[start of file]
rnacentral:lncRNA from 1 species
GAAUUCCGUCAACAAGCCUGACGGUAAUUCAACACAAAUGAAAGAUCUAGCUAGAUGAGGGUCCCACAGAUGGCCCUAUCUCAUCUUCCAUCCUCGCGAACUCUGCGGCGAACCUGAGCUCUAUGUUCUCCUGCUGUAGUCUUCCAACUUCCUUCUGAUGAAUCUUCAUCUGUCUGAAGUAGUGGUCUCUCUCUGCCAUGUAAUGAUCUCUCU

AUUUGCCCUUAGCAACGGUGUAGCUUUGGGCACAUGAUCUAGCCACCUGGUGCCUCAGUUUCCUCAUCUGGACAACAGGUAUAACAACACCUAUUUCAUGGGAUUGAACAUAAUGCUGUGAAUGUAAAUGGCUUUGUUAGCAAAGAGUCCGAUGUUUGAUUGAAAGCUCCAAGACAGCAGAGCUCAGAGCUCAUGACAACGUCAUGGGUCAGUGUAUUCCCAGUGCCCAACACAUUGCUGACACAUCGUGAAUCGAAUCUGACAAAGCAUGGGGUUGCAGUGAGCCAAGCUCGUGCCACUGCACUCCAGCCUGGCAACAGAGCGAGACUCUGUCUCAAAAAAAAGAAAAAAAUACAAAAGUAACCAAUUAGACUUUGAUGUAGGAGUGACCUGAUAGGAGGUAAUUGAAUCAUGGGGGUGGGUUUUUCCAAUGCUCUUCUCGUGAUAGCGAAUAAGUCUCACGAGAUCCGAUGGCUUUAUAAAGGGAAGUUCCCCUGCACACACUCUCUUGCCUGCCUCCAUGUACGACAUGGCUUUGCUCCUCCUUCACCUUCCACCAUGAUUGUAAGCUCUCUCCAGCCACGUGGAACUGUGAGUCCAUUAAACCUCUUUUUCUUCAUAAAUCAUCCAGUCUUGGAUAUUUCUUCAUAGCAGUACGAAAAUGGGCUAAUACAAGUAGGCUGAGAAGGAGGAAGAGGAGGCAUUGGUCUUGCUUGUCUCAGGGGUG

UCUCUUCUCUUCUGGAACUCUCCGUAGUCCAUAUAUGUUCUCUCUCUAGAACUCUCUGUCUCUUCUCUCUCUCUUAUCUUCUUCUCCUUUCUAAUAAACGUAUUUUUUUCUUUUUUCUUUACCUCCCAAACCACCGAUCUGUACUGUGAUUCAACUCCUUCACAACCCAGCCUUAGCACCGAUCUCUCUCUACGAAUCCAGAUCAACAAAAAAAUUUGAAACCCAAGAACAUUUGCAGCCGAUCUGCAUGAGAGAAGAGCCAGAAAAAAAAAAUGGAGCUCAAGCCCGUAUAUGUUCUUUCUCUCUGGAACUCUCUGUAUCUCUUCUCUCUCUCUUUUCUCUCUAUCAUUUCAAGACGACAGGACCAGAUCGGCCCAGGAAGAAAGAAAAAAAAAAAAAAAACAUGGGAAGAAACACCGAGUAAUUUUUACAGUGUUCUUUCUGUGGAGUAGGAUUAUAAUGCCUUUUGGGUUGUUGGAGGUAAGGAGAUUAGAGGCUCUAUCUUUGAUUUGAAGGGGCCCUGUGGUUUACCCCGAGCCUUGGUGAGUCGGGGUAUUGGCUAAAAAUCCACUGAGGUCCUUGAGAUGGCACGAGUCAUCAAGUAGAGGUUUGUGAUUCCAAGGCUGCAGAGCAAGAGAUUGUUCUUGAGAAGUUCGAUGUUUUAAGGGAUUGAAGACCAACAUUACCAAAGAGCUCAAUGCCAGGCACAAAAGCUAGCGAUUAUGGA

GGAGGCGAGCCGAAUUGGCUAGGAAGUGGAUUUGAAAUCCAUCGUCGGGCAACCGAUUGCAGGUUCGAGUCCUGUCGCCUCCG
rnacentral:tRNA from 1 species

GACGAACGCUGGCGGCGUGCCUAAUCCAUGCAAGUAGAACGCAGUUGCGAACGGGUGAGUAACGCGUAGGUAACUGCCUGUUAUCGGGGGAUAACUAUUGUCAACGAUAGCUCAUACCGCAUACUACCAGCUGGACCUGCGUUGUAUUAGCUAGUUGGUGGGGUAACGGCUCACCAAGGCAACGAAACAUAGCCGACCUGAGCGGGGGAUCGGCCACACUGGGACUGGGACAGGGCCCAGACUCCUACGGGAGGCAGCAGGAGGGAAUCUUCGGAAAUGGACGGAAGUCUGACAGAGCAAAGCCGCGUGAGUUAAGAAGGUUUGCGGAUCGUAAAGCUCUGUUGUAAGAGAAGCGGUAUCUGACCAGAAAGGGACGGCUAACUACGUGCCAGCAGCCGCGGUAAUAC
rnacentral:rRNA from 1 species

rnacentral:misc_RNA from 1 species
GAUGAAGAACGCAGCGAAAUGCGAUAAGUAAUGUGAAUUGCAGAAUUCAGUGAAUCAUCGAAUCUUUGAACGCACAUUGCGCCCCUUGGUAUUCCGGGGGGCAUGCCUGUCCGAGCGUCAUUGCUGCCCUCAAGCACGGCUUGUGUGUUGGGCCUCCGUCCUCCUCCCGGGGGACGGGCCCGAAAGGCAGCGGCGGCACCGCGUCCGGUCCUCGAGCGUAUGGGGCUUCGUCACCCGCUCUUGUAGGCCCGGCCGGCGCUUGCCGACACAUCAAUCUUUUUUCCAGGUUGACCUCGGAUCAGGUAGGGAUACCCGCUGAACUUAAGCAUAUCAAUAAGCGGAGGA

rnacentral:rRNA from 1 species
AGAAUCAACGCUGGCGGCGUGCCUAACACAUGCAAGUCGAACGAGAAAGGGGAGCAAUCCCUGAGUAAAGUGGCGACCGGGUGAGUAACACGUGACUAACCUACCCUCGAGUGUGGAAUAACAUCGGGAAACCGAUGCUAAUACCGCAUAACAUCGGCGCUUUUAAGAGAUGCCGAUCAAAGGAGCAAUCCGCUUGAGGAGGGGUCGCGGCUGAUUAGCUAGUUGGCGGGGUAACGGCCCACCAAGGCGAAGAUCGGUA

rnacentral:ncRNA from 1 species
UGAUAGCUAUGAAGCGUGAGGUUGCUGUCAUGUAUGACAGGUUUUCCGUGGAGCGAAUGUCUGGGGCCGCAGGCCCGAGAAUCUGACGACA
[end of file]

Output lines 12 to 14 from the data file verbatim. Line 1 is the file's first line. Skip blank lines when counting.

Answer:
AGAAUCAACGCUGGCGGCGUGCCUAACACAUGCAAGUCGAACGAGAAAGGGGAGCAAUCCCUGAGUAAAGUGGCGACCGGGUGAGUAACACGUGACUAACCUACCCUCGAGUGUGGAAUAACAUCGGGAAACCGAUGCUAAUACCGCAUAACAUCGGCGCUUUUAAGAGAUGCCGAUCAAAGGAGCAAUCCGCUUGAGGAGGGGUCGCGGCUGAUUAGCUAGUUGGCGGGGUAACGGCCCACCAAGGCGAAGAUCGGUA

rnacentral:ncRNA from 1 species
UGAUAGCUAUGAAGCGUGAGGUUGCUGUCAUGUAUGACAGGUUUUCCGUGGAGCGAAUGUCUGGGGCCGCAGGCCCGAGAAUCUGACGACA